Pundits believe coronavirus will bring down President Trump.They're wrong. If anything, he'll exploit it to try to stay in power.
There’s been plenty of punditry about why the coronavirus outbreak could end Donald Trump’s presidency. Most of it has come from blatantly anti-Trump outlets, which are desperate to see him ousted.
Too few people have considered that the opposite may be happening. The coronavirus could be the very thing that President Trump seeks to exploit to extend his stay in the White House.
America has grown so used to Trump’s rhetoric and lies that no one bats an eye when he makes yet another ridiculous statement.
Remember the weeks before the 2018 midterms? President Trump claimed that every congressional Democrat had signed up to an “open borders” bill.
They hadn’t, of course.
With Trump bringing our expectations of a president to depressing lows, who knows what he could try to do next.
Last May, President Trump retweeted a post by evangelical preacher Jerry Falwell Jr., who wrote:
Trump should have two years added to his 1st term as payback for time stolen by this corrupt failed coup.
Falwell is, of course, referring to accusations of collaboration with Russia. But the fact that Trump retweeted any post advocating that his presidential term exceed constitutional limits should have caused universal alarm.
It didn’t, though, because Trump does what Trump does. He retweets nonsense and makes outlandish statements all the time. This particular retweet quickly got lost in the shuffle – especially on the right.
Even worse, we’ve seen him “joke” repeatedly about extending his presidency beyond the two-term limit. He even openly admired Chinese president Xi Jinping’s limitless terms when he said:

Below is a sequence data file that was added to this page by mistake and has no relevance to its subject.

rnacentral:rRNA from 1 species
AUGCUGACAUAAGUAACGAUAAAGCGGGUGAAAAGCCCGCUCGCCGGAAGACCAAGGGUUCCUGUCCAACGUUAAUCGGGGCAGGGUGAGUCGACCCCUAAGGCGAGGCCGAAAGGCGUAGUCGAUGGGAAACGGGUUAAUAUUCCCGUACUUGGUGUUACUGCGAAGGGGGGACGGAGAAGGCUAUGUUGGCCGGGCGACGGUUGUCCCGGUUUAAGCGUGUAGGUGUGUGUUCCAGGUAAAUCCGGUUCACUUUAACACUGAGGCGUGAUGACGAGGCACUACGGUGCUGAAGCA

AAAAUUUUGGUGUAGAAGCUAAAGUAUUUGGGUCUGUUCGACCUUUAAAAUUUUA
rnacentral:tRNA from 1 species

He’s now president for life. President for life. No, he’s great. And look, he was able to do that. I think it’s great. Maybe we’ll have to give that a shot someday.
Those who believe that the coronavirus will bring down President Trump underestimate his desire to retain power. They’re seemingly blind to how Trump goes about his business.
He’ll be encouraged by other leaders like Guiseppe Conte, who has effectively locked down Italy to combat the coronavirus.
President Trump will not want to appear weak on the world stage. Anything his fellow leaders can do, he can do better.
While he long downplayed coronavirus to try to prop up the stock market, his tone has shifted dramatically over the past few days. On Friday, he declared the outbreak a “national emergency.”
He isn’t crumbling, as many of his detractors believed he would. He’s doing what he always does. Identify the stance that best serves his aims and throw himself headfirst into pushing that agenda.
Nobody knows what the U.S. coronavirus outbreak will look like six months from now. If it’s still as terrifying in the weeks before the 2020 elections or – god forbid – has gotten worse, it would give him the perfect opportunity to attempt an unprecedented power-grab by postponing the election indefinitely.
Just long enough for the economy to recover and his odds to improve.
Faced with a pandemic, would Congress really argue against taking measures to prevent gatherings of people in voting stations across the country? We all know the MAGA crowd would fall in line.
Even the backup solution of voting by mail would be attacked by Trump and his zealots. The cries of election-fixing would be louder than ever.
It would be an unprecedented move, but we have seen the idea of postponing an election discussed under threat of terrorism, so why not the coronavirus?
Trump’s supporters are already preemptively justifying it on social media:
It certainly wouldn’t be easy, and under any other president, it would seem beyond the realm of the possible. But we know Donald Trump isn’t a typical president.
Trump feels he’s owed two years, and if he can’t get them by conventional methods? He’s hellbent on winning, so don’t expect him to rule anything out.
The coronavirus won’t be the downfall of Trump. It just may be what keeps in the White House.
Disclaimer: The opinions expressed in this article belong to the author and do not necessarily reflect the views of CCN.com.
This article was edited by Josiah Wilmoth.
Last modified: March 13, 2020 8:05 PM UTC